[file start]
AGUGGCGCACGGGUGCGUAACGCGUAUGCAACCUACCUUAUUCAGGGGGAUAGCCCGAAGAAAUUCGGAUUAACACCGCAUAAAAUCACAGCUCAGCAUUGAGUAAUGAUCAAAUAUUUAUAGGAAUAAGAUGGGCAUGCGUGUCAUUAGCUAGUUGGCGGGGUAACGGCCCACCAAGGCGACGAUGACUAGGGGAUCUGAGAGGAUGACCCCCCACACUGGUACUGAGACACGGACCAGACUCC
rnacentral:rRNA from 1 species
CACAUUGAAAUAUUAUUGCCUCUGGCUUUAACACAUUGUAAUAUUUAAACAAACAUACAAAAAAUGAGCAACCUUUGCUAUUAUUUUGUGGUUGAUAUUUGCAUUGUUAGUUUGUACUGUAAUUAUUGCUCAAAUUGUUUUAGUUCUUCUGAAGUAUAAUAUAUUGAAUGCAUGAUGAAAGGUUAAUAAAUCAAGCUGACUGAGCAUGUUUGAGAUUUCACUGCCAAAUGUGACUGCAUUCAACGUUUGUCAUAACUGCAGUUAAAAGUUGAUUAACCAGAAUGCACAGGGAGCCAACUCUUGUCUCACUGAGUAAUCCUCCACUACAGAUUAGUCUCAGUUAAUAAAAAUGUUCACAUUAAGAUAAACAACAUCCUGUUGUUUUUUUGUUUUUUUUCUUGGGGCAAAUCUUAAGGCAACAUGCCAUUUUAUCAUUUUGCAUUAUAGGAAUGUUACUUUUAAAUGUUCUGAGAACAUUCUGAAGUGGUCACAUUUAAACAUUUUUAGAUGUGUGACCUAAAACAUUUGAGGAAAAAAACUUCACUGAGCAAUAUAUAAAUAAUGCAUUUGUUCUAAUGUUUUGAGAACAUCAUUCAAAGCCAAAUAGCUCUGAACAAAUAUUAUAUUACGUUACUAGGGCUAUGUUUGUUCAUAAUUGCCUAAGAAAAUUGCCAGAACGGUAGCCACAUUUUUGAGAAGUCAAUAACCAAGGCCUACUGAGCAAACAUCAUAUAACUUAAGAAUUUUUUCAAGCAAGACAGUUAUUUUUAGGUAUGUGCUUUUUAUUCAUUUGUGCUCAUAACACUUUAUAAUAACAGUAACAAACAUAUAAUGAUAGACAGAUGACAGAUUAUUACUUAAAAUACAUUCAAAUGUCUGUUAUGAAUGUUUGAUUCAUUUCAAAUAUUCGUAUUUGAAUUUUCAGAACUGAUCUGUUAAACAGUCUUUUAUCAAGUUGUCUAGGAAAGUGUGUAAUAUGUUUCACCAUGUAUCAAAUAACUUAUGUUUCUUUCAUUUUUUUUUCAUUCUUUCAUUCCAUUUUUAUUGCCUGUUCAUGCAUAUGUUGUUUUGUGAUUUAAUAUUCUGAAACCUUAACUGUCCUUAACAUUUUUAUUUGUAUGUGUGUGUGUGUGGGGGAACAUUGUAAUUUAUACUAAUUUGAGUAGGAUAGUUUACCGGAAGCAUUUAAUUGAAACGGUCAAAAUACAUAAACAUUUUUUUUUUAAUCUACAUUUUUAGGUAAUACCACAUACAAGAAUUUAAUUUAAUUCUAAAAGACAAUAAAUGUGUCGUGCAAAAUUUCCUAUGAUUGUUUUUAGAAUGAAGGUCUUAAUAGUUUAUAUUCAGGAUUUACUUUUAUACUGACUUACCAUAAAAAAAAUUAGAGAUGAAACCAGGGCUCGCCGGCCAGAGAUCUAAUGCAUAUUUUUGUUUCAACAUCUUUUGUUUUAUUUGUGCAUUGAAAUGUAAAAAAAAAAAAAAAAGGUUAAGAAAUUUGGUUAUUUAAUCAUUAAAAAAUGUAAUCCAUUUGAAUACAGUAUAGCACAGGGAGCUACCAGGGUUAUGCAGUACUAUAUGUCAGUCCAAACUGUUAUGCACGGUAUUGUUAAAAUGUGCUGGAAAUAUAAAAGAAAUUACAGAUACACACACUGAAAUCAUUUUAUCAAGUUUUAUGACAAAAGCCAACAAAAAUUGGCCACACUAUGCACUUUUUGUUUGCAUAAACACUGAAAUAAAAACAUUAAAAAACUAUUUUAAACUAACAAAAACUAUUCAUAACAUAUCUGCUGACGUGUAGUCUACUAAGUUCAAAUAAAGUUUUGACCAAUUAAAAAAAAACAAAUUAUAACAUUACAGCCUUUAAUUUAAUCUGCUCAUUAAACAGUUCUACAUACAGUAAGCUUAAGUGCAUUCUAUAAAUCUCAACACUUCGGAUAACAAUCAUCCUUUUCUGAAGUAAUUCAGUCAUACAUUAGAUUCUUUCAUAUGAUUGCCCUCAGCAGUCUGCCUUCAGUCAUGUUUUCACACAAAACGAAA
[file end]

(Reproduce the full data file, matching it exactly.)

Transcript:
AGUGGCGCACGGGUGCGUAACGCGUAUGCAACCUACCUUAUUCAGGGGGAUAGCCCGAAGAAAUUCGGAUUAACACCGCAUAAAAUCACAGCUCAGCAUUGAGUAAUGAUCAAAUAUUUAUAGGAAUAAGAUGGGCAUGCGUGUCAUUAGCUAGUUGGCGGGGUAACGGCCCACCAAGGCGACGAUGACUAGGGGAUCUGAGAGGAUGACCCCCCACACUGGUACUGAGACACGGACCAGACUCC
rnacentral:rRNA from 1 species
CACAUUGAAAUAUUAUUGCCUCUGGCUUUAACACAUUGUAAUAUUUAAACAAACAUACAAAAAAUGAGCAACCUUUGCUAUUAUUUUGUGGUUGAUAUUUGCAUUGUUAGUUUGUACUGUAAUUAUUGCUCAAAUUGUUUUAGUUCUUCUGAAGUAUAAUAUAUUGAAUGCAUGAUGAAAGGUUAAUAAAUCAAGCUGACUGAGCAUGUUUGAGAUUUCACUGCCAAAUGUGACUGCAUUCAACGUUUGUCAUAACUGCAGUUAAAAGUUGAUUAACCAGAAUGCACAGGGAGCCAACUCUUGUCUCACUGAGUAAUCCUCCACUACAGAUUAGUCUCAGUUAAUAAAAAUGUUCACAUUAAGAUAAACAACAUCCUGUUGUUUUUUUGUUUUUUUUCUUGGGGCAAAUCUUAAGGCAACAUGCCAUUUUAUCAUUUUGCAUUAUAGGAAUGUUACUUUUAAAUGUUCUGAGAACAUUCUGAAGUGGUCACAUUUAAACAUUUUUAGAUGUGUGACCUAAAACAUUUGAGGAAAAAAACUUCACUGAGCAAUAUAUAAAUAAUGCAUUUGUUCUAAUGUUUUGAGAACAUCAUUCAAAGCCAAAUAGCUCUGAACAAAUAUUAUAUUACGUUACUAGGGCUAUGUUUGUUCAUAAUUGCCUAAGAAAAUUGCCAGAACGGUAGCCACAUUUUUGAGAAGUCAAUAACCAAGGCCUACUGAGCAAACAUCAUAUAACUUAAGAAUUUUUUCAAGCAAGACAGUUAUUUUUAGGUAUGUGCUUUUUAUUCAUUUGUGCUCAUAACACUUUAUAAUAACAGUAACAAACAUAUAAUGAUAGACAGAUGACAGAUUAUUACUUAAAAUACAUUCAAAUGUCUGUUAUGAAUGUUUGAUUCAUUUCAAAUAUUCGUAUUUGAAUUUUCAGAACUGAUCUGUUAAACAGUCUUUUAUCAAGUUGUCUAGGAAAGUGUGUAAUAUGUUUCACCAUGUAUCAAAUAACUUAUGUUUCUUUCAUUUUUUUUUCAUUCUUUCAUUCCAUUUUUAUUGCCUGUUCAUGCAUAUGUUGUUUUGUGAUUUAAUAUUCUGAAACCUUAACUGUCCUUAACAUUUUUAUUUGUAUGUGUGUGUGUGUGGGGGAACAUUGUAAUUUAUACUAAUUUGAGUAGGAUAGUUUACCGGAAGCAUUUAAUUGAAACGGUCAAAAUACAUAAACAUUUUUUUUUUAAUCUACAUUUUUAGGUAAUACCACAUACAAGAAUUUAAUUUAAUUCUAAAAGACAAUAAAUGUGUCGUGCAAAAUUUCCUAUGAUUGUUUUUAGAAUGAAGGUCUUAAUAGUUUAUAUUCAGGAUUUACUUUUAUACUGACUUACCAUAAAAAAAAUUAGAGAUGAAACCAGGGCUCGCCGGCCAGAGAUCUAAUGCAUAUUUUUGUUUCAACAUCUUUUGUUUUAUUUGUGCAUUGAAAUGUAAAAAAAAAAAAAAAAGGUUAAGAAAUUUGGUUAUUUAAUCAUUAAAAAAUGUAAUCCAUUUGAAUACAGUAUAGCACAGGGAGCUACCAGGGUUAUGCAGUACUAUAUGUCAGUCCAAACUGUUAUGCACGGUAUUGUUAAAAUGUGCUGGAAAUAUAAAAGAAAUUACAGAUACACACACUGAAAUCAUUUUAUCAAGUUUUAUGACAAAAGCCAACAAAAAUUGGCCACACUAUGCACUUUUUGUUUGCAUAAACACUGAAAUAAAAACAUUAAAAAACUAUUUUAAACUAACAAAAACUAUUCAUAACAUAUCUGCUGACGUGUAGUCUACUAAGUUCAAAUAAAGUUUUGACCAAUUAAAAAAAAACAAAUUAUAACAUUACAGCCUUUAAUUUAAUCUGCUCAUUAAACAGUUCUACAUACAGUAAGCUUAAGUGCAUUCUAUAAAUCUCAACACUUCGGAUAACAAUCAUCCUUUUCUGAAGUAAUUCAGUCAUACAUUAGAUUCUUUCAUAUGAUUGCCCUCAGCAGUCUGCCUUCAGUCAUGUUUUCACACAAAACGAAA